ANN: hastache 0.6

Announcing: hastache 0.6

Hastache is a Haskell implementation of the mustache templating system.

Quick start

cabal update
cabal install hastache

A simple example:

import Text.Hastache 
import Text.Hastache.Context 
import qualified Data.Text.Lazy.IO as TL

main = hastacheStr defaultConfig (encodeStr template) (mkStrContext context)
    >>= TL.putStrLn

template = "Hello, {{name}}!\n\nYou have {{unread}} unread messages." 

context "name" = MuVariable "Haskell"
context "unread" = MuVariable (100 :: Int)

Read Mustache documentation for template syntax; consult README for more details.

Whats’s new in 0.6?

The interface of the library has been switched from ByteString to (lazy) Text. That means, for example, that the type of hastcheStr function is now the following:

:: MonadIO m => MuConfig m	-> Text	-> MuContext m -> m Text

The generic context generation (mkGenericContext) now supports functions of the types Text -> Text and Text -> m Text, as well as types with multiple constructors. That is, given a Haskell datastructure

data A = A { str :: String }
       | B { num :: Int }

it is possible to write a template like this:

A : {{str}}
B : {{num}}

Please take a look at the multiple constructors example if you are interested.

Additionally, a couple of new MuVar instances has been added.


Special thanks to Mark Lentczner, Alexander Voikov and others who reported issues, tested the library and provided feedback.

Representable functors in Haskell

I have finally managed to upload a (dry version) of a note about representable functors in Haskell. You can find it here:

Representable functors are functors that are isomorphic to $Hom(A, -)$ or $Hom(-, A)$ for some object $A$. In the note I give examples of some simple representable functors and prove that Maybe is not representable.

Cabal sandbox status in your ZSH prompt

Sometime ago I made a simple script for my zsh setup that allows me to see whether am I in a cabalized sandbox environment or not. I posted it to Haskell-cafe a month ago, but totally forgot to post it to this blog.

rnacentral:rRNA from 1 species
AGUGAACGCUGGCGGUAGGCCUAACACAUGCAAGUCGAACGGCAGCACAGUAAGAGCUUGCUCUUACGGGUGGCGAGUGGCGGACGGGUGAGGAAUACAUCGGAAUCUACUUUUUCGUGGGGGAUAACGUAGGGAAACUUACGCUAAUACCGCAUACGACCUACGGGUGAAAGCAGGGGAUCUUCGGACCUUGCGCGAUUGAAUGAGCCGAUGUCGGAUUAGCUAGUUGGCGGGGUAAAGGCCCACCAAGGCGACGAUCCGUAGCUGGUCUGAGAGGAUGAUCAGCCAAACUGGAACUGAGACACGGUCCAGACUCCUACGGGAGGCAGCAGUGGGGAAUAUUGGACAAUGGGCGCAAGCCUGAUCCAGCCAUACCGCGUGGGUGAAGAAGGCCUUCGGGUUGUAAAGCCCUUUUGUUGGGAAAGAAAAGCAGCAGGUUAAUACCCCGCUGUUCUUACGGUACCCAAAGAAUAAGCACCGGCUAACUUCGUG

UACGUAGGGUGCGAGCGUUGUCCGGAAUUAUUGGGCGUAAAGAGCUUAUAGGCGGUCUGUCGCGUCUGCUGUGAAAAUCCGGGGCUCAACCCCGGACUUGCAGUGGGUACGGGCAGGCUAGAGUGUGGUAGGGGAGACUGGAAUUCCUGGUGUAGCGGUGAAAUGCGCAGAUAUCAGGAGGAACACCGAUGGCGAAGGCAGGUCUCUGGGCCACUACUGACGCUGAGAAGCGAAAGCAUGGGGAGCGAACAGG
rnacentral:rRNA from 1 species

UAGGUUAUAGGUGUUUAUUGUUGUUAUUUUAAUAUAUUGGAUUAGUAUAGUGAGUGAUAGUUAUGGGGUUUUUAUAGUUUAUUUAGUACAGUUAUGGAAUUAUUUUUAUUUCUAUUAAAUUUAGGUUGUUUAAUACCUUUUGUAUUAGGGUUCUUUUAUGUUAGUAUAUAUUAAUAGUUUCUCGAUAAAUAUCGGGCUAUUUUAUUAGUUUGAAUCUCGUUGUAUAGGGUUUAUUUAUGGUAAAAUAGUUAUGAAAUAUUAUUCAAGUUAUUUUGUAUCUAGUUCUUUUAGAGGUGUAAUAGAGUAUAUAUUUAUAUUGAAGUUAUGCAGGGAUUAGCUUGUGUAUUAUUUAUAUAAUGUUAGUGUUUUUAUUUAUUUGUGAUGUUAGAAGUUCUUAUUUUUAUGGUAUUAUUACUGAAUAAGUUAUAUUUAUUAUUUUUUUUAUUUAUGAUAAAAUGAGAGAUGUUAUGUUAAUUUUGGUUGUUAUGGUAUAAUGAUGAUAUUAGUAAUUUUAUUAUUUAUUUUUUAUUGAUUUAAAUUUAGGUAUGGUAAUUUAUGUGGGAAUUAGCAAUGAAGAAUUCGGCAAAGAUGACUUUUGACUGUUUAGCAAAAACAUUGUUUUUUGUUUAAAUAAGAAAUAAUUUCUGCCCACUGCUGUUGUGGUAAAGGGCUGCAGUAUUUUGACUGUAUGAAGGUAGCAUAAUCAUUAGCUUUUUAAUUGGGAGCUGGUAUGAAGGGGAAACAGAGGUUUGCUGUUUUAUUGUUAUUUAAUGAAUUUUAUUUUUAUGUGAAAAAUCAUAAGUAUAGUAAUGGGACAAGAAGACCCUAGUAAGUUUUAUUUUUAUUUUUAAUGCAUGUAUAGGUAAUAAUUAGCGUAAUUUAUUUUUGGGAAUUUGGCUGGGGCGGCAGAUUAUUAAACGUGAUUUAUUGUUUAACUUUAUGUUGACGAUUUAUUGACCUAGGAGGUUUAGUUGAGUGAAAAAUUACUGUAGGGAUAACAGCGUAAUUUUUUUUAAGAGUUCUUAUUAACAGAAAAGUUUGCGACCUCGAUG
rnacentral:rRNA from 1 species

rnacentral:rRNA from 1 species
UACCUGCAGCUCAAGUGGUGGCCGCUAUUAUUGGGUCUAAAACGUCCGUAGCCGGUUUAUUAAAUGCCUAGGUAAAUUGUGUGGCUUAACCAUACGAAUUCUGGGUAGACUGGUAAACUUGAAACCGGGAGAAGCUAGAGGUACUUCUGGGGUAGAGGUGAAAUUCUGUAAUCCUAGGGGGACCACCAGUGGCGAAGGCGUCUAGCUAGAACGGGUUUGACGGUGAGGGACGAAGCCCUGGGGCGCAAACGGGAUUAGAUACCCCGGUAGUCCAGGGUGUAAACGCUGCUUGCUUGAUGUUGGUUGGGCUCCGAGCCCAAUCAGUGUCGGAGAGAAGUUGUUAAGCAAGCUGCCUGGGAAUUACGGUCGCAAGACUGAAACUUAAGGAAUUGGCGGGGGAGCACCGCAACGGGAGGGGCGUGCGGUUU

The result of checking for the sandbox is cached, which is probably unnecessary; it updates only when the user performs a cabal command or changes a directory.

After you place the contents of the script in your .zshrc file (or in a similar location), you should update your $PROMPT to use $(sandbox_prompt). The prompt I am using, by the way, is

local ret_status="%(?:%{$fg_bold[green]%}:%{$fg_bold[red]%})%?%{$reset_color%}"
PROMPT=$'\n$(ssh_connection)$HOST_COLOR%n@%m%{$reset_color%}$(my_git_prompt)$(sandbox_prompt) : %~\n[${ret_status}] %# '

and it is based on the oh-my-solarized theme.

ANN: scotty-hastache 0.2

The scotty-hastache library has been updating, following the introduction of the custom exception types in Scotty. Custom exception types (as opposed to plain-text exception mechanism that was previously employed in Scotty) is a more powerful way of handling exceptional situation; an example usage can be found here. Below are the appropriate release notes for scotty-hastache


Keeping up with the Scotty 0.6 updating. The introduction of the custom exception types is reflected in the scotty-hastache package as well. The main types are now polymorphic over an exception type

type ScottyH e = ScottyT e HState
type ActionH e = ActionT e HState

In addition, the specialized (to Text) types and runners are introduced

type ScottyH' = ScottyH Text
type ActionH' = ActionH Text
scottyH'     :: Port -> ScottyH' () -> IO ()
scottyHOpts' :: Options -> ScottyH' () -> IO ()

Thanks to Kirill Zaborsky for pointing out the incompatibility with 0.6.

As always, the scotty-hastache library is available on Hackage and on GitHub

True Concurrency and Net Unfoldings

This week I gave a talk at my university on true concurrency. My main focus, although, was partial-order semantics for Petri nets.

Slide screenshot

Slide screenshot


Computer scientists have been paying attention concurrency and parallelism since the dawn of the computing as science. In this talk I would like to discuss the topic called true concurrency – the concurrency in presence of parallelism, as opposed to concurrency defined by interleaving.